Why urban trees matter!

70'sHave any of you been watching the brilliant BBC programme The 70’s? A really thought provoking series that came home for me quite literally, when they featured Hyson Green’s ‘streets in the sky’ in Nottingham. Why? Well, my mum grew up there in the early 60’s just as these social experiments in housing were being built. She saw first hand its decline into the ‘ghetto’ with the highest crime rate in England.

Grim film footage held by the Media Archive for Central England (MACE) gives a fascinating insight into how society breaks down in a world without trees. With nowhere to experience nature it was a bleak and unloved place. People too scared to leave their homes because children of 10 and 11 years old ran in gangs. A conversation with the Curate of the Parish – an ex-con with a big heart for people struggling to survive – makes the valuable point: over 700 flats had no access to gardens! He explains that children were given ‘concrete to play in’. As the camera pans across the estate you spot a few dead trees – that’s it!

Digging deep into MACE’s interview archives you will discover the people forced to live there repeating the question – why are we made to live in a place with no garden?

Hyson Green, Nottingham 1978 – News Footage ATV

It is worth remembering that this was England only 40 years ago. And that it doesn’t look that different to the image I blogged about a few months ago in North Korea. We cannot be complacent when it comes to planning and the value of our green places and spaces. To climb a tree or sit beneath its branches for a natter with your mates should be a given. The recent report by RIBA (Royal Institute for British Architects) reiterates this.

Hyson Green

20 years later this estate was razed to the ground and is now a supermarket. This final picture shows not a single space across the landscape for a tree to be planted. We must never, ever go back to this.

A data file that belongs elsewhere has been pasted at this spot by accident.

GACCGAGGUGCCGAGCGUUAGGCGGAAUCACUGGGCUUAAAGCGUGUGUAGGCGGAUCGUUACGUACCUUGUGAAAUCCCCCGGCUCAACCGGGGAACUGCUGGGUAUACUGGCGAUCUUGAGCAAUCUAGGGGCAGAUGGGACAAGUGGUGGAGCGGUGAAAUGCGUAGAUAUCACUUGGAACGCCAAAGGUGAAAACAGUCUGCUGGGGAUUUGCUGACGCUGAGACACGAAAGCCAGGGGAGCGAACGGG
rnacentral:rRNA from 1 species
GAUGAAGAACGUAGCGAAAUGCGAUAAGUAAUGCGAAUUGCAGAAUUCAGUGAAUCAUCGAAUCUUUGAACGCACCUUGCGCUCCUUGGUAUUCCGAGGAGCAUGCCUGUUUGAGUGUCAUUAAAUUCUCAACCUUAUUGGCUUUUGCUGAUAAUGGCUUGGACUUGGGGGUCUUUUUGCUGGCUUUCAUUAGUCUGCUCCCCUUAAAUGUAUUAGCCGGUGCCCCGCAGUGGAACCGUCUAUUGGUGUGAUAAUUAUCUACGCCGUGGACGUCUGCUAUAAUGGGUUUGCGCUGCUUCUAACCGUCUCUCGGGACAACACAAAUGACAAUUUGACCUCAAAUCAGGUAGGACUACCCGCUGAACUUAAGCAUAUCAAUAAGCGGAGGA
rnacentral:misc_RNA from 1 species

About Nikki Williams

Head of Campaigning for the Woodland Trust
This entry was posted in Climate Change, England, Health, Local Government and tagged , , , , , , , , , , , , , , , , , , , . Bookmark the permalink.

3 Responses to Why urban trees matter!

  1. Pingback: Trees in the Townscape – 12 guiding principles for urban trees | Woodland Matters

  2. city green says:

    Hi Nikki,

    This city looks terrible without trees and Ruth thanks for commenting as it was very interesting to know that why city without trees encourage crime. I am wondering why in 70’s people are not aware of the benefits of tree or they ignoring it and now we have to pay for it.


  3. Ruth says:

    I haven’t seen the programme, thank for highlighing it, looks interesting. Also heard in yesterday’s or today’s news that over 25% of crimes are committed by under 18 year old – shocking. I believe we need more than just trees and green space provision alone, we need quality and accessibility. Also many children seem to have forgotten or have never be shown to play imaginatively (intergenerational learning), having a limited view and not seeing the colours and textures of the world around them. Out of my window probably from a typical village, I see them children walking to and from school bus with their heads in the phones. Or as my neighbours kids are completely latch key, playing with no constructive supervision. Keep reminding us of what is good about our green spaces and trees.

Sorry, comments are closed as we have moved to a new site: https://www.woodlandtrust.org.uk/blogs/woodland-trust/

Fill in your details below or click an icon to log in:

WordPress.com Logo

You are commenting using your WordPress.com account. Log Out / Change )

Twitter picture

You are commenting using your Twitter account. Log Out / Change )

Facebook photo

You are commenting using your Facebook account. Log Out / Change )

Google+ photo

You are commenting using your Google+ account. Log Out / Change )

Connecting to %s